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UNIVERSAL WORKER'S RIGHTS

Updated: Jul 16



Labor rights or workers' rights are both legal rights AND human rights. They relate to labor relations between workers and employers/owners. These rights are codified in national and international labor and employment law. They are also to be found in the UN Declaration of Human Rights.

Workers’ rights are a relatively new addition to the understanding of human rights. They arose from the 19th-century industrialization in Europe, that created industrial workers who recognized they were a group or class different from their owners and in need of certain protections on the job. They fought for and won labor unionization and the concept of worker’s rights.

The philosopher, economist, and revolutionary Karl Marx stands out as one of the earliest, most prominent and ardent advocates for workers’ rights. He envisioned a society run by the workers. His philosophy has informed, to a lesser or greater extent, most of the struggles by workers for their rights. In the US, workers’ rights are rooted in our Constitution and Bill of Rights: from the First Amendment’s freedoms of speech and association to the Fifth Amendment’s protection against unlawful takings to the Thirteenth Amendment’s freedom from servitude.

One of the major battles that US workers continue to have to wage is against the prevailing idea that owners’ interests and wellbeing were and are the interest of everyone. Therefore government support of their interest benefits everyone. In contrast to that idea, we see how the interests of big business, mega-industry, and corporations are not the same as those of their workers and the people at large.


Take for instance the fact that the tobacco, auto, petroleum, construction, garment, and agricultural industries have had to be taken to court for poisoning our air, water, the ground, and our bodies. The 8-hour workday, no child labor, paid sick leave, vacations, the right to organize, job safety including the formation of OSHA, are all achievements we take for granted today. These all saw tremendous opposition from the owners, including, sometimes violent opposition with the loss of many workers’ lives.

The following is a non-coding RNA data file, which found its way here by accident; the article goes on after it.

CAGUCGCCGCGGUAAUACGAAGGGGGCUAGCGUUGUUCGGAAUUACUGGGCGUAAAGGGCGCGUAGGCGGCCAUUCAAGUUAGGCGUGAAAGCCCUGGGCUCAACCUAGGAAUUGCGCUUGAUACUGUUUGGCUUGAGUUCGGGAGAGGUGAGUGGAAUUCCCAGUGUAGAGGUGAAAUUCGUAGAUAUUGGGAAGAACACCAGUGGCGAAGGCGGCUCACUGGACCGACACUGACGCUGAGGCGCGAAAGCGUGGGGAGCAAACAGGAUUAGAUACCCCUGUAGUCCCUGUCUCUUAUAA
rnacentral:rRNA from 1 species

We must continue to fight against racial, sexual, and gender divisions, used to pit groups against one another while indoctrinating white workers with the poison of white superiority. Additionally, they have imported Mexican and Central American workers for agricultural work, who had to fight vicious opposition but finally won The United Farm Workers of America union in the 1960s. Additionally, they have brought in imported Phillipinos, Mexican and Central American workers for agricultural work, who had to fight vicious opposition but finally won the right to organize The United Farm Workers of America union in the 1960s.

US workers have struggled hard for every ‘right’ they gained. In the 1950s union membership was over 30% of the workforce. In 2019 that percentage decreased to 10.3%. That loss has resulted in significant income inequality, wage stagnation, loss of standard of living, and continued wage discrimination against women, Black and Brown workers LBGTQI, and immigrants.


Tens of millions of Americans are working for sub-poverty-level wages and/or are in the growing gig economy with a lack of basic health, retirement, and family leave benefits. Many, if not most, of today’s millennials and Genxers will have a lower standard of living than their parents and even their grandparents.

We, Sojourners for Truth and Justice, call for ALL workers, regardless of race, gender, sexual orientation, age, region, or religion, to have work that offers a living wage that allows them to live in dignity, supplemented if necessary by other means of social protection.

  • All workers are to receive equal pay for equal work.

  • All workers, including gig workers, are to be paid family, vacation and sick leave, to be covered by unemployment insurance, and be guaranteed safe, just and favorable working conditions, not only physical but also safe from verbal and sexual harassment or abuse.

  • Employers must take proactive steps under government guidelines to protect the workers and the workplace in the event of an infectious disease outbreak.

  • Every worker has the right to form or join a union and to be free from retribution for whistle-blowing and credible reports of dishonest conduct illegal practices, violation of laws, or of any policy governing business operations.

  • Migrant workers are to be paid a living wage with benefits, guaranteed proper living conditions for themselves and their families, protected working conditions with accessible sanitation and rest facilities, and appropriate education for their children.

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